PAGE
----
Flexibility to suit your needs
Every organisation and every document is different, which is why I have a flexible, tailored approach. Request a quote to discuss exactly what you need, or check out my project and retainer editing packages.
Structural or substantive editing is major editing that should be done on an early draft of the document.
Line editing is about the craft of writing, while copy editing refers to language use. I generally combine these into a single edit.
Proofreading is a final check for spelling, grammar and typos. It should be the very last task done on a document before publication.
Formatting in MS Word
Formatting is about checking and applying styles, tables of contents and layout in Microsoft Word.
Writing extra material
Supplementary material is text that supports the main document, such as an executive summary or author biographies.
Looking for a specialised service, such as research or training? Contact me to discuss your needs.
How great editing can improve your business
Many businesses don’t think they need an editor. After all, most people have been writing for years in their corporate positions, so it can be tempting to simply draft a manager into an unofficial editing services role. Here’s why that’s a bad idea.
- Most people think editing means proofreading. Proofreading – checking for typos, spelling, grammar and punctuation – makes up only around 10% of my workload. The other 90% is a high-value analysis of audience, language, argument, structure, tone, readability and factual accuracy.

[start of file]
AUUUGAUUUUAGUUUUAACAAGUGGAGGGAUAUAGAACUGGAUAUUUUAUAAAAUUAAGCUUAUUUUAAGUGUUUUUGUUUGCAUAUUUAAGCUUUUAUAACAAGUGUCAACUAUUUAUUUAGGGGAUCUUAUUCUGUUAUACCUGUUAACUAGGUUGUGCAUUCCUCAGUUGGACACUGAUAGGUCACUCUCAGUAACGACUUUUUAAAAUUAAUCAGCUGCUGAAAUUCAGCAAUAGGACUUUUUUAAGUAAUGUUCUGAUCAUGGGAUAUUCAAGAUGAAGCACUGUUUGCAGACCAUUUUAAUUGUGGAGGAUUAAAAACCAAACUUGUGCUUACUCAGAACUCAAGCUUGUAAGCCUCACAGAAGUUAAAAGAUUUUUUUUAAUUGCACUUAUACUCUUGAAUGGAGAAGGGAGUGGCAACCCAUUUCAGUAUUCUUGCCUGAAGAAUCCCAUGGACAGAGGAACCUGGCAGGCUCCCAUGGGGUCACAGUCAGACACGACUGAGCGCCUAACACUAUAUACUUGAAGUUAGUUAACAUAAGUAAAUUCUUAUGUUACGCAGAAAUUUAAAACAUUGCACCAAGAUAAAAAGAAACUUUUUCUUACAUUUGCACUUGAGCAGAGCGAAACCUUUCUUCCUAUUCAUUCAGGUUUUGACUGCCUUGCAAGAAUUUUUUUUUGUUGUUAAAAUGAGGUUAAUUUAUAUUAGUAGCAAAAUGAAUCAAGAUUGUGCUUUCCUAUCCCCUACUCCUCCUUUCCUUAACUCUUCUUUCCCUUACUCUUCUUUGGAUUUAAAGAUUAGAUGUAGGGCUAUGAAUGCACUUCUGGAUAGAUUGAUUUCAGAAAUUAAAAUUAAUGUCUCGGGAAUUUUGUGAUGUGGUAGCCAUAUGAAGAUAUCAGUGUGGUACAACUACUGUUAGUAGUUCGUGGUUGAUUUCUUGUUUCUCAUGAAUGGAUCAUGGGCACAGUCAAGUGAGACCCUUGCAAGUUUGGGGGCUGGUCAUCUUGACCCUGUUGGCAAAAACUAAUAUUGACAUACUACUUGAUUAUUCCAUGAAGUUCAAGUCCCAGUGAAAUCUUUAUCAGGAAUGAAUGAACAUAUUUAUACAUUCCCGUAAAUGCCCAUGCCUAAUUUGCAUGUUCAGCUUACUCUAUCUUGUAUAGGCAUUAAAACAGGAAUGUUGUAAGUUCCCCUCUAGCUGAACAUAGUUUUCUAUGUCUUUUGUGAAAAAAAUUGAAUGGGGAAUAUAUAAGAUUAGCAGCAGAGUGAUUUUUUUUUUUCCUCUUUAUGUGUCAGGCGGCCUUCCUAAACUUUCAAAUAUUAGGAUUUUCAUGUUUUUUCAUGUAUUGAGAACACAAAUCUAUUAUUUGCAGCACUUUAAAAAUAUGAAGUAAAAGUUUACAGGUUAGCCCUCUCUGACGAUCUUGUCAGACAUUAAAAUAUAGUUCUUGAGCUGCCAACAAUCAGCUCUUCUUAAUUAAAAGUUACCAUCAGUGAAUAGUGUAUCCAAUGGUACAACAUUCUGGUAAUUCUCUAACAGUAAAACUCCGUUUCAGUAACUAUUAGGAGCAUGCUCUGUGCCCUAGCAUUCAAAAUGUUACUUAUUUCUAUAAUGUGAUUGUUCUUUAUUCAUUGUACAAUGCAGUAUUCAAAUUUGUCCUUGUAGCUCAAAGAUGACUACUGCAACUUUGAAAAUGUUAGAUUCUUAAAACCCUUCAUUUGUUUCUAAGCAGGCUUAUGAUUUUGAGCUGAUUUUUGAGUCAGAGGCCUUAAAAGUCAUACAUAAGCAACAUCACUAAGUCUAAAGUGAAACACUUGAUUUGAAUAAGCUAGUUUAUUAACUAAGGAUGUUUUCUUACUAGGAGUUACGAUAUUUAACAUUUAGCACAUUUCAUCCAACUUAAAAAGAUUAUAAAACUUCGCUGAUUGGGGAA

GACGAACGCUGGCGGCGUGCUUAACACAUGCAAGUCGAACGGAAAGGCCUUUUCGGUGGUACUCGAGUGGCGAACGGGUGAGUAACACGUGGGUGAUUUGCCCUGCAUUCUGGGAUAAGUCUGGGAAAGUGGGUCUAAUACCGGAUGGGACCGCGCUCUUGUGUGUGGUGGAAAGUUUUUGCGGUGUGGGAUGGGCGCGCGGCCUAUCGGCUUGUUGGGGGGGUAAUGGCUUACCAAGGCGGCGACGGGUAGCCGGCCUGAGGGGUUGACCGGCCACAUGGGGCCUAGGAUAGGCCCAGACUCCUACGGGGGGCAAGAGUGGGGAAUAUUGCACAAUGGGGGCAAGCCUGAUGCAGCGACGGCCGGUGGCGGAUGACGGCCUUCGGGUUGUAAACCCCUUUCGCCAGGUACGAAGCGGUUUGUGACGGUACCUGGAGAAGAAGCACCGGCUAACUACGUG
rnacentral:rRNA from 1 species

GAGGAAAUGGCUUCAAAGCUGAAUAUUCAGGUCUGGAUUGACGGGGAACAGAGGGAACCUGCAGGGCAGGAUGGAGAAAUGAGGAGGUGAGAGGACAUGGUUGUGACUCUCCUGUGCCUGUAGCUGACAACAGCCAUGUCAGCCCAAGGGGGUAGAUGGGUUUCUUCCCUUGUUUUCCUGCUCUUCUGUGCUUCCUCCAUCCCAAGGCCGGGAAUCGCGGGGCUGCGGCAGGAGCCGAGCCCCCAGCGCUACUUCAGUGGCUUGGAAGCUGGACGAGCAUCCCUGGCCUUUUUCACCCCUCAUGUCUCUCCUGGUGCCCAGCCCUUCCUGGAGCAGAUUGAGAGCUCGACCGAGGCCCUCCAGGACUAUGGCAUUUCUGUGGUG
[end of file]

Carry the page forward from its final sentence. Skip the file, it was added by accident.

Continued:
- Nobody can accurately edit their own work. As a published author, I always hire a professional editor to review my manuscript drafts. If you’ve been working on the material for days, weeks, months, or even years, you’re too close to it – you’ll read what you want to read, not what’s actually there. An outside set of eyes is invaluable, not just for catching mistakes, but for questioning assumptions that everyone else in the organisation has overlooked.
- Editing is strategic thinking. According to the Project Management Institute, only 4–7% of leaders are considered skilled at strategic thinking. Good editors don’t just look at a document in isolation – we see where it fits internally with the organisation’s structure, planning, values and mission, and externally with its audience, marketing goals, competitors, and national and international context. These are skills that take years to develop, which is why you need a specialist.